By Tracie Kenyon, MCU President/CEO
One of the questions that I often hear from board members is, “should we offer our CEO a contract?” Before I answer that question, I need to provide a disclaimer: I am not a lawyer and cannot provide you legal advice; the comments in this blog are my opinion only. In fact, I encourage you to seek counsel from a lawyer prior to entering any contract.
Now, with that out of the way, let me share my thoughts. I think that contracts for CEOs are a good idea for several reasons: 1. You can outline specific deliverables; 2. You can offer benefits not afforded to other employees; 3. You can negotiate a graceful exit by not renewing a contract.
I also believe that a contract can keep things from getting too personal; for example, if the employment contract calls for an annual review and one of the parties is balking, the other party can refer to the agreement. Remember that generally speaking, contracts are negotiated at the beginning of the relationship when both parties are in full agreement and should be seeking their own legal counsel to review the document to ensure that it is fair to all.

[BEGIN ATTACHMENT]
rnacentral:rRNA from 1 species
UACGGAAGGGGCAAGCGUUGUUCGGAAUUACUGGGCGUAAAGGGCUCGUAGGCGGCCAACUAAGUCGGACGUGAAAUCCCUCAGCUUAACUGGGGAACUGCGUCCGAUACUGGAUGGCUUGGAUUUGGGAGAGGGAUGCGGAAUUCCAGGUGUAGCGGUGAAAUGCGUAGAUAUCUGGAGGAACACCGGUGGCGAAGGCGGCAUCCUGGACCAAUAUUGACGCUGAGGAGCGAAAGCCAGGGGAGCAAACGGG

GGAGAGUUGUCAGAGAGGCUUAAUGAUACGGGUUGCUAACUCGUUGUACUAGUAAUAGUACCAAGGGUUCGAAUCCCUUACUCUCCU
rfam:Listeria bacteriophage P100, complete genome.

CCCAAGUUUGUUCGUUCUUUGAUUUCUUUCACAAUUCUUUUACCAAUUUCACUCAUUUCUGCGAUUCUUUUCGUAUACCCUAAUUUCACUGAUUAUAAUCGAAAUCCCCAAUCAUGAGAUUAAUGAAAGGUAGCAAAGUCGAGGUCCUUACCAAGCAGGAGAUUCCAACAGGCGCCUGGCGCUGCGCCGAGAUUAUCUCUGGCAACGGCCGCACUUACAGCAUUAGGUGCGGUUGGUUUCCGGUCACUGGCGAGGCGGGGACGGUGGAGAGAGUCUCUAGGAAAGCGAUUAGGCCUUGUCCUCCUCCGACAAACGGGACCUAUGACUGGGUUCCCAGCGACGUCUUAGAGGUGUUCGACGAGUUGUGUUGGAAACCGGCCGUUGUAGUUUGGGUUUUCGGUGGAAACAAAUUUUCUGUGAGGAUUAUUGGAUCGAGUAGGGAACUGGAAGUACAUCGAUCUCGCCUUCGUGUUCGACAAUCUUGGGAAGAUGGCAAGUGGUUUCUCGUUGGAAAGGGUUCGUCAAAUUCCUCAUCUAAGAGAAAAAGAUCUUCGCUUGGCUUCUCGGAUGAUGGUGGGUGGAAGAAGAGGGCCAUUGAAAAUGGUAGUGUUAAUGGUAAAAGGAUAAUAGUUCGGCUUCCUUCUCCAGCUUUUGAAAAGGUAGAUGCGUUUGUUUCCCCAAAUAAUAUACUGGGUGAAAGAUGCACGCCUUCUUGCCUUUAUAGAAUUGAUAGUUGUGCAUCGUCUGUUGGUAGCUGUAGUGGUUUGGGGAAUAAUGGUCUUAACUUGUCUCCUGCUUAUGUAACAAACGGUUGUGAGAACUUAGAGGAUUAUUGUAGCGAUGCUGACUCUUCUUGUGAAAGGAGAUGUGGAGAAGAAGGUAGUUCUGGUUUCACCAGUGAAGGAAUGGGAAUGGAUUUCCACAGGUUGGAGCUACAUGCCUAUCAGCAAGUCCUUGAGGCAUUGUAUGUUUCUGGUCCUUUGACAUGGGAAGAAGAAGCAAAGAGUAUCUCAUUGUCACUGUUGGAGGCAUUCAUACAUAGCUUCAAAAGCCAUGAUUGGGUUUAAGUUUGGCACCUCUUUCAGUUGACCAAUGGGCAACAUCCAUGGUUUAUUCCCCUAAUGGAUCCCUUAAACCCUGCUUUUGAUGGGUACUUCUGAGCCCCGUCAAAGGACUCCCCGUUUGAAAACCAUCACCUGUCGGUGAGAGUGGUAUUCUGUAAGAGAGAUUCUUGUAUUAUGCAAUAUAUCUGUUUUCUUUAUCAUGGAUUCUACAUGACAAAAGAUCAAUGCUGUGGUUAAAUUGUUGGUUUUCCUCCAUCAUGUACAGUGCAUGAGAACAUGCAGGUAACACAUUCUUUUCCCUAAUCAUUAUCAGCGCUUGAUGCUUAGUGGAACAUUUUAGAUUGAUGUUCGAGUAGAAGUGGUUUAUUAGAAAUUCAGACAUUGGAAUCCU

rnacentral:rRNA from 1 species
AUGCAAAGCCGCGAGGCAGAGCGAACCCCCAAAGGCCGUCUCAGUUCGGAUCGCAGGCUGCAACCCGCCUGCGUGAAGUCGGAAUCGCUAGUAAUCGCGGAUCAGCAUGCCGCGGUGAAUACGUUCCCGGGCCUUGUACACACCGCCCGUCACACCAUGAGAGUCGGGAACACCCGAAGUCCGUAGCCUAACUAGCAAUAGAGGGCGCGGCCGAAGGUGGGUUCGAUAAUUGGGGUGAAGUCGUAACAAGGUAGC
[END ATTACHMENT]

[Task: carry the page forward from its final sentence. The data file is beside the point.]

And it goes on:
If you’re hiring a new CEO, I recommend a one-year contract as a bit of a trial run. At the end of the first year, you can negotiate a longer contract as both parties have had 365 days to get to know each other.
I cannot stress this enough: if you’re considering a contract, please contact your attorney! And, as always, feel free to reach out to me with any questions, I’m happy to share my opinion and experience in working with credit unions across Montana.